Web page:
Everlane, the San Francisco-based apparel brand, has launched a $300 men’s suit. It’s made of lightweight, Italian-milled wool, with some stretchy elastane for comfort and wrinkle resistance, and is available in navy and charcoal. The lining is made of 100% recycled materials, and Everlane describes the suit as machine washable.
Branch, the New York-based company that offers premium office furniture built to grow with modern teams, announced that it has $2.4 million in seed funding. The round was led by led Nine Four Ventures, with participation from Alate Partners and RRE. Branch claims to save companies more than 50% on premium office furniture that is delivered and installed in as little as a week. The “buy now, work now” approach aligns with the fast-paced nature of startup culture. The company will use the funding to accelerate product development and national reach.
Grocery & Restaurants
Dean Foods on Tuesday announced that it has filed for Chapter 11 bankruptcy protection. The Dallas-based milk processor said that it plans to use the Chapter 11 proceedings to keep running the business, and address debt and unfunded debt obligations as it seeks to sell the company. Customers are expected to receive their dairy products without any interruptions. Dean Foods also said that it is engaged in “advanced discussions” with Dairy Farmers of America about selling “substantially” all of its assets. Dean Foods’ business has struggled as more consumers turn to nondairy milk or buy private label products.
Privately held TGIF Holdings LLC and Allegro Merger Corp., a special purpose acquisition company, have signed an agreement that would take the casual-dining chain public, the companies announced. The Dallas-based parent of the TGI Fridays and New York-based Allegro Merger, said that, at closing, TGI Friday’s holders will receive a combination of cash and stock valued at $30 million and Allegro will assume about $350 million of net debt. The majority owners of TGI Fridays are TriArtisan Capital Advisors LLC, expects to exchange a majority of its ownership in the TGI Fridays business for shares of Allegro, and MFP Partners L.P., led by Michael F. Price, which intends to exchange all of its ownership in the TGI Fridays business for shares of Allegro.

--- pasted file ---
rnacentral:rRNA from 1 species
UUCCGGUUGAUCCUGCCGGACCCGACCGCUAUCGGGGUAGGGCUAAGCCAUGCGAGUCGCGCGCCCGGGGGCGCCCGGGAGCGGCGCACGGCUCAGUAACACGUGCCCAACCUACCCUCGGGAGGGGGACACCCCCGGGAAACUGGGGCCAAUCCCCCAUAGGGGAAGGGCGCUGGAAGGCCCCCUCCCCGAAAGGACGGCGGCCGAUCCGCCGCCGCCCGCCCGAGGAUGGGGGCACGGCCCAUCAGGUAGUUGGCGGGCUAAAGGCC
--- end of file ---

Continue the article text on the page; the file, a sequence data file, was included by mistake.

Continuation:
Anheuser-Busch InBev, the world’s largest brewer, has just placed its biggest bet yet on craft beer. On Monday, the Budweiser and Stella Artois brewer agreed to buy Craft Brew Alliance in a deal that values the smaller Portland-based peer at $321 million. AB InBev, which already owned a 31.2% stake in Craft Brew Alliance, will buy the rest of the outstanding shares. In recent years, AB InBev has been busy scooping craft brands from all across the country—a dozen in total. AB InBev’s goal with these brands is to tap strong consumer interest in the craft movement, a subsegment of beer that is worth $27.6 billion. And though craft beer sales growth has cooled of late from the heady double-digit gains the subsegment used to post years ago, smaller brewers reported a 3.9% jump in volume last year, outpacing the total category’s 0.8% drop.
Los Angeles-based private equity firm Butterfly has announced its acquisition of a majority stake in “clean” protein brand Orgain. The deal is Butterfly’s fifth investment and second in beverage, following the purchase of fresh juice focused Bolthouse Farms earlier this year. Terms of the deal, which is expected to close at month’s end, were not disclosed. Orgain founder Dr. Andrew Abraham will remain on as CEO. Orgain produces a range of both plant-based and dairy-based offerings including bars, shelf stable beverages and shake powders, most of which are certified organic.
Home & Road
U.S. furniture imports fell in the first half, a result of a double-digit drop in shipments from China due to tariffs on finished goods including wood furniture and upholstery. Imports fell to $11.67 billion from $12.14 billion, in the first half of 2018, a 4% drop. This was fueled by a 17% decrease in shipments from China, which totaled $5.6 billion in the first half, compared with $6.7 billion the year before. China fell in each of the top five product categories: miscellaneous wood furniture, down 19%; upholstered wood seats, down 21%; upholstered wood chairs, down 13%; outdoor seats with textile covered cushions, down 22%; and furniture of other materials, down 19%. Double-digit increases from source countries such as Vietnam and Malaysia failed to stem those losses, which were further heightened due to decreased shipments from Italy and Poland.